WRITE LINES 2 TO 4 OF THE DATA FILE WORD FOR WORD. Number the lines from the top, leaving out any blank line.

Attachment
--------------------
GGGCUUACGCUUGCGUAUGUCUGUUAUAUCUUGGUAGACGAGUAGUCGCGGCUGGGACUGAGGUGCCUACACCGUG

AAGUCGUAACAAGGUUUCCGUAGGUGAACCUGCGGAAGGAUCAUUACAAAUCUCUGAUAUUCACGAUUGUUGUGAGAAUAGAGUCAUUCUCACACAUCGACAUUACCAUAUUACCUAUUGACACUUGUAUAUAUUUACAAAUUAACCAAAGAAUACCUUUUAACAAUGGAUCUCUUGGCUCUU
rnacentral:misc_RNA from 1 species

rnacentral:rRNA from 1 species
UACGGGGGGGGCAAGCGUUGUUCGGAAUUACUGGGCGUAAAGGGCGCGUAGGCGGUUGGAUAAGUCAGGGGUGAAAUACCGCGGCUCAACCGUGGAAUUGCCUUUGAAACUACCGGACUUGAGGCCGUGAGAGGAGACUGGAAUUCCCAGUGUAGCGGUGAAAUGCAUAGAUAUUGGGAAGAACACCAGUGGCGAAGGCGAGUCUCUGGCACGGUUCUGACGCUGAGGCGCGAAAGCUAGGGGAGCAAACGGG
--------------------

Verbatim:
AAGUCGUAACAAGGUUUCCGUAGGUGAACCUGCGGAAGGAUCAUUACAAAUCUCUGAUAUUCACGAUUGUUGUGAGAAUAGAGUCAUUCUCACACAUCGACAUUACCAUAUUACCUAUUGACACUUGUAUAUAUUUACAAAUUAACCAAAGAAUACCUUUUAACAAUGGAUCUCUUGGCUCUU
rnacentral:misc_RNA from 1 species

rnacentral:rRNA from 1 species